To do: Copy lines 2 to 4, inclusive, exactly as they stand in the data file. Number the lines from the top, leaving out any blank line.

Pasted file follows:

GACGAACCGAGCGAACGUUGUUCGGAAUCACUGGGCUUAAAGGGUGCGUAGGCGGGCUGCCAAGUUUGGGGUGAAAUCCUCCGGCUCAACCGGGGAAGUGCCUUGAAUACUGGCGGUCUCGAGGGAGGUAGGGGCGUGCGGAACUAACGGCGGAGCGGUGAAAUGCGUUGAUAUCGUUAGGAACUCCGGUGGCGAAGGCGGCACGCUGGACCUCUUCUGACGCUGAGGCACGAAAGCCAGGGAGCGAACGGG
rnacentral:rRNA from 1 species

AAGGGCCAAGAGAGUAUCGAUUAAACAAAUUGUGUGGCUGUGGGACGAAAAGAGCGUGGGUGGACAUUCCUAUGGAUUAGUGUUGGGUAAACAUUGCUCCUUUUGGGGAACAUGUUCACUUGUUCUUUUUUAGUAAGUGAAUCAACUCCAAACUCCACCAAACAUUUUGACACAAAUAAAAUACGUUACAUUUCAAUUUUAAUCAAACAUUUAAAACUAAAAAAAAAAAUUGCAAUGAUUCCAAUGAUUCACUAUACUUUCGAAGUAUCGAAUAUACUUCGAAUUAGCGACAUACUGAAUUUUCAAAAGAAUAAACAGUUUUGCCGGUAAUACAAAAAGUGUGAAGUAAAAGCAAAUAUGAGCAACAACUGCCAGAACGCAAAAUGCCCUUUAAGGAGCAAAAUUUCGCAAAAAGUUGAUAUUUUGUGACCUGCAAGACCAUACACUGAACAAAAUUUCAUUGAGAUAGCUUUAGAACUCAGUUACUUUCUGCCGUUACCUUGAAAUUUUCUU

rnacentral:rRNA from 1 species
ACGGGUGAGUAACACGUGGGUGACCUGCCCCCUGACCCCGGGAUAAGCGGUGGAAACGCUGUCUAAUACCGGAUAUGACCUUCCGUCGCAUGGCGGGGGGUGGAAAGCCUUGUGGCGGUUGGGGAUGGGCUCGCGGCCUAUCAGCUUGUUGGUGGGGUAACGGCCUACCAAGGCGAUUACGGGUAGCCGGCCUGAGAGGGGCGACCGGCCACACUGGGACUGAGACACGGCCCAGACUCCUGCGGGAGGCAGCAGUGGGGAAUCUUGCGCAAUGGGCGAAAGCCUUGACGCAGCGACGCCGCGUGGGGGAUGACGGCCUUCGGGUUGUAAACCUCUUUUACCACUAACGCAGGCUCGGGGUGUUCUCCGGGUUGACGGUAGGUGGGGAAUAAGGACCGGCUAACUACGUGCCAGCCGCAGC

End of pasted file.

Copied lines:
rnacentral:rRNA from 1 species

AAGGGCCAAGAGAGUAUCGAUUAAACAAAUUGUGUGGCUGUGGGACGAAAAGAGCGUGGGUGGACAUUCCUAUGGAUUAGUGUUGGGUAAACAUUGCUCCUUUUGGGGAACAUGUUCACUUGUUCUUUUUUAGUAAGUGAAUCAACUCCAAACUCCACCAAACAUUUUGACACAAAUAAAAUACGUUACAUUUCAAUUUUAAUCAAACAUUUAAAACUAAAAAAAAAAAUUGCAAUGAUUCCAAUGAUUCACUAUACUUUCGAAGUAUCGAAUAUACUUCGAAUUAGCGACAUACUGAAUUUUCAAAAGAAUAAACAGUUUUGCCGGUAAUACAAAAAGUGUGAAGUAAAAGCAAAUAUGAGCAACAACUGCCAGAACGCAAAAUGCCCUUUAAGGAGCAAAAUUUCGCAAAAAGUUGAUAUUUUGUGACCUGCAAGACCAUACACUGAACAAAAUUUCAUUGAGAUAGCUUUAGAACUCAGUUACUUUCUGCCGUUACCUUGAAAUUUUCUU

rnacentral:rRNA from 1 species